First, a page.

Terrific and Safe Toys for Senior Cats

Although your senior cat may now spend more time lounging and less time playing, she still needs activities to keep her both mentally and physically fit. Could YOU be missing her cue that she’s simply waiting for YOU to take the lead? If so, consider the following to help her release her remembered inner kitten.

If your favorite feline recognizes the images of various animals on TV, she may truly enjoy watching videos of birds, squirrels and other wildlife that have been created expressly for cats. Alternatively, place her cat tree close to a window where she can watch the world or set up a bird feeder outside and place her cat tree near the window facing it.

Because she’s less athletic and agile now than when she was young, ensure that the toys you use to keep her active don’t aggravate such common conditions in aging as arthritis. Among the best “lower-activity toys” are:

Cardboard boxes: Cut numerous openings into the sides of several cardboard boxes and place half of them right side up and the other half upside down, creating “cubbies” for her to enter and exit with ease.

Climbing toys: If she doesn’t already have a cat tree, get her an especially sturdy one with several shelves that will allow her to climb up and down safely without having to leap any appreciable distance.

Fleece pulls and toys: From something as simple as a soft, thick bathrobe pull to a wide assortment of fleece toys, they not only provide your kitty with something to chase and “capture”, they’re too large to be swallowed.

Food-dispensing toys: Fill one of a variety of round, plastic food puzzles with high-value treats or kibble, and watch her roll it around and around in an effort to get out and eat her tasty “rewards.”

Paper bags: Select a safe space in your home, open one or two large bags (grocery bags are best) and provide her with an inexpensive and instant hiding place or “cat cave.”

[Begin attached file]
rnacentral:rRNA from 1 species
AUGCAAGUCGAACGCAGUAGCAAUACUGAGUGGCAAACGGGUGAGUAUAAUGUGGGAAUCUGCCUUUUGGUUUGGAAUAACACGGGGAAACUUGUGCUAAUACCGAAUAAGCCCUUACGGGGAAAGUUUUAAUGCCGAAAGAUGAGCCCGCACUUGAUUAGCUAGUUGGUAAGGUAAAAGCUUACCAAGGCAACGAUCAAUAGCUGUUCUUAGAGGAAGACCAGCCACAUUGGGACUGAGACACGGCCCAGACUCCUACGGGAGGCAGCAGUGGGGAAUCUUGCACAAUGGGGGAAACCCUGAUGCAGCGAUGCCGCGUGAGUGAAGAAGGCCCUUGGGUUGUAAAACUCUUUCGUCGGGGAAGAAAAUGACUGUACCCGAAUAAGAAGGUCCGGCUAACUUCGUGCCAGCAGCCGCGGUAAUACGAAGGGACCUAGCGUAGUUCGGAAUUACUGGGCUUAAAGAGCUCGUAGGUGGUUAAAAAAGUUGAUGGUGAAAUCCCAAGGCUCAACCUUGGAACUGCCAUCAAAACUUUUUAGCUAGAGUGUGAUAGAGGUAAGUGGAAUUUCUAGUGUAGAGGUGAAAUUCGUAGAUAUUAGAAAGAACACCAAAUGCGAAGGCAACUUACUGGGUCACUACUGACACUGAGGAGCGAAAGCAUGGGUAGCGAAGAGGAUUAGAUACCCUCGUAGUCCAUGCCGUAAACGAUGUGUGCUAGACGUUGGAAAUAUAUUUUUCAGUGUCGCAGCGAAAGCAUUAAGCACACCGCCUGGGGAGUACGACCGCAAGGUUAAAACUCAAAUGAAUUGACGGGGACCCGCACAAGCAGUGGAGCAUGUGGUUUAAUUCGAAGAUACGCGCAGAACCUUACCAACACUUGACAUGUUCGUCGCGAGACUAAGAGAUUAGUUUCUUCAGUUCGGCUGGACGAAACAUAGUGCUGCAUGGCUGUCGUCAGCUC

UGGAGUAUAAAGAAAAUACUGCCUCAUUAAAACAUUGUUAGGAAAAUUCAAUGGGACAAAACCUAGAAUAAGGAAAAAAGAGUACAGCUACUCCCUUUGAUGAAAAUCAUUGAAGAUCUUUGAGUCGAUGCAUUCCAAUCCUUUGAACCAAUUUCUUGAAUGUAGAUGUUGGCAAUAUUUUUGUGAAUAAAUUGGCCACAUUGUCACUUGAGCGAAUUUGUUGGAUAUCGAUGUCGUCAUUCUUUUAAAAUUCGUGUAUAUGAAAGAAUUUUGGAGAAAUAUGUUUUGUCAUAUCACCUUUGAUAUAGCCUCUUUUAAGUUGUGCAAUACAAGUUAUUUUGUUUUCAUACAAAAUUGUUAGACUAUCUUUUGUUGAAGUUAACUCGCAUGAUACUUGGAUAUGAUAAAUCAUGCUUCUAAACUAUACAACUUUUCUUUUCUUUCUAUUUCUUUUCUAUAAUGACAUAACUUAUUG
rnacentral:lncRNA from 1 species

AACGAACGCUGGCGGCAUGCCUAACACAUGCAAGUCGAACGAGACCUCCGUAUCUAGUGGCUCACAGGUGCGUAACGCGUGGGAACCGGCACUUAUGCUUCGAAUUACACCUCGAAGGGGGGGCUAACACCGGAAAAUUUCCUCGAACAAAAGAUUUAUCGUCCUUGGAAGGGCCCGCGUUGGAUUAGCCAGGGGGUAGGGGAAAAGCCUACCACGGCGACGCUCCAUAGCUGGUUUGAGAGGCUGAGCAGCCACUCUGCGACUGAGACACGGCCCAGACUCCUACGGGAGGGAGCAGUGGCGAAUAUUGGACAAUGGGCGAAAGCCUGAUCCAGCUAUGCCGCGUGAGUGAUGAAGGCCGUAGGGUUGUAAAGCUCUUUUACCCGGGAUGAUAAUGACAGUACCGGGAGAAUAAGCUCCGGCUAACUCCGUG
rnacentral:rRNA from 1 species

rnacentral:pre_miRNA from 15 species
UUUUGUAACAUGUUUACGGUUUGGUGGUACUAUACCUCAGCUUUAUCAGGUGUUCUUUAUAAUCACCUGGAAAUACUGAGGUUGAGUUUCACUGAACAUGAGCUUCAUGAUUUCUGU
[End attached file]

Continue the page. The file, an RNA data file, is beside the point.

When interacting personally with your kitty using toys with a long ribbon or string, yarn or rubber band attached, remember that such long, tempting “tails” can be all too easily swallowed — even by a senior – wreaking havoc with her stomach and intestines. Always store those toys safely out of sight as soon as playtime is done.

While catnip toys appeal to a majority of cats, some cats aren’t affected by it at all. If yours is one of them, keep your finicky senior feline on her toes by enticing her with toys filled with silver vine (the most popular), Tatarian honeysuckle or Valerian root instead.

Practice golf balls with the holes and ping pong balls make ideal toys — both size and weight-wise — for senior cats. Place several balls in an enclosed, safe space such as a bathtub and let your kitty have her way with them. You can also put a ball into an empty tissue box and allow her to fish around for it with her paws.

In short, while your senior kitty may not play as long or as hard as she did in her youth, it’s essential that you not only interact with her at least once a day but that you provide her with ample opportunities to stay engaged and amused on her own. What more paws-itive way could there be to keep her inner kitten alive and out there for all to see?

Nomi Berger

Nomi Berger

Nomi Berger is the bestselling author of seven novels, one work of non-fiction, two volumes of poetry, and hundreds of articles. She is a volunteer writer for Furry Friends in Vancouver, WA and also volunteers her writing skills to animal rescue groups in Canada and the USA. She lives with her adopted Maltese named Mini. For more information about Furry Friends visit www.furryfriendswa.org or contact them at information@furryfriendswa.org or (360) 993-1097

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